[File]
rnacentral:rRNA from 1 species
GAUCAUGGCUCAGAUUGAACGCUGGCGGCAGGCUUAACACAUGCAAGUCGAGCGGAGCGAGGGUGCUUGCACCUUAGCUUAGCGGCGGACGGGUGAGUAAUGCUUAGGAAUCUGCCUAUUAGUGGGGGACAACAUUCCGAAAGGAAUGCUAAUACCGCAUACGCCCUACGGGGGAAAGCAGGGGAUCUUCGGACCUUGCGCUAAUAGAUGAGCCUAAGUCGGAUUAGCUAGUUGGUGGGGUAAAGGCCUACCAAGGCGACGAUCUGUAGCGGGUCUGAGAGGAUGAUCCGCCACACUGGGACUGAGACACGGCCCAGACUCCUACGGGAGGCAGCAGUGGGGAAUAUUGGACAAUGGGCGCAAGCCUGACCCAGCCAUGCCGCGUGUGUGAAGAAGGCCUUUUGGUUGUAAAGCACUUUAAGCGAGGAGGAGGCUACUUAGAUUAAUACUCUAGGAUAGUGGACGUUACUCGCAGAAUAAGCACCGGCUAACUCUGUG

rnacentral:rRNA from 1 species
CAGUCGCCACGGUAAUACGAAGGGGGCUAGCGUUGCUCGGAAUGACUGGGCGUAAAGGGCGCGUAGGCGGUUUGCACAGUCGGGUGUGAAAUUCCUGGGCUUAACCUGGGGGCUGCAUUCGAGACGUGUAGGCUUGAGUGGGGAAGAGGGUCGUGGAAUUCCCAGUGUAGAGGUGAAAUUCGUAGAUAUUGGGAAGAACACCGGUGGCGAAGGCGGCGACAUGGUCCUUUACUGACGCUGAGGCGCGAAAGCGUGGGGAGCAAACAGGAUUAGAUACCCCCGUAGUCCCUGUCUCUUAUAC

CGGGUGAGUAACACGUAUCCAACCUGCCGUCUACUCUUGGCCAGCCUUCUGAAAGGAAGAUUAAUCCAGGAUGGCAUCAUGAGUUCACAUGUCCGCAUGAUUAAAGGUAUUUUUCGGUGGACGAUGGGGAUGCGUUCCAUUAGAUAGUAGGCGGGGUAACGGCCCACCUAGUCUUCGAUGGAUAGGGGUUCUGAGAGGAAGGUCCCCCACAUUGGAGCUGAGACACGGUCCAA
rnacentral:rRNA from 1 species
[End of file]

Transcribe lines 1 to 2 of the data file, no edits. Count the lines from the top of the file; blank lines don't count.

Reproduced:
rnacentral:rRNA from 1 species
GAUCAUGGCUCAGAUUGAACGCUGGCGGCAGGCUUAACACAUGCAAGUCGAGCGGAGCGAGGGUGCUUGCACCUUAGCUUAGCGGCGGACGGGUGAGUAAUGCUUAGGAAUCUGCCUAUUAGUGGGGGACAACAUUCCGAAAGGAAUGCUAAUACCGCAUACGCCCUACGGGGGAAAGCAGGGGAUCUUCGGACCUUGCGCUAAUAGAUGAGCCUAAGUCGGAUUAGCUAGUUGGUGGGGUAAAGGCCUACCAAGGCGACGAUCUGUAGCGGGUCUGAGAGGAUGAUCCGCCACACUGGGACUGAGACACGGCCCAGACUCCUACGGGAGGCAGCAGUGGGGAAUAUUGGACAAUGGGCGCAAGCCUGACCCAGCCAUGCCGCGUGUGUGAAGAAGGCCUUUUGGUUGUAAAGCACUUUAAGCGAGGAGGAGGCUACUUAGAUUAAUACUCUAGGAUAGUGGACGUUACUCGCAGAAUAAGCACCGGCUAACUCUGUG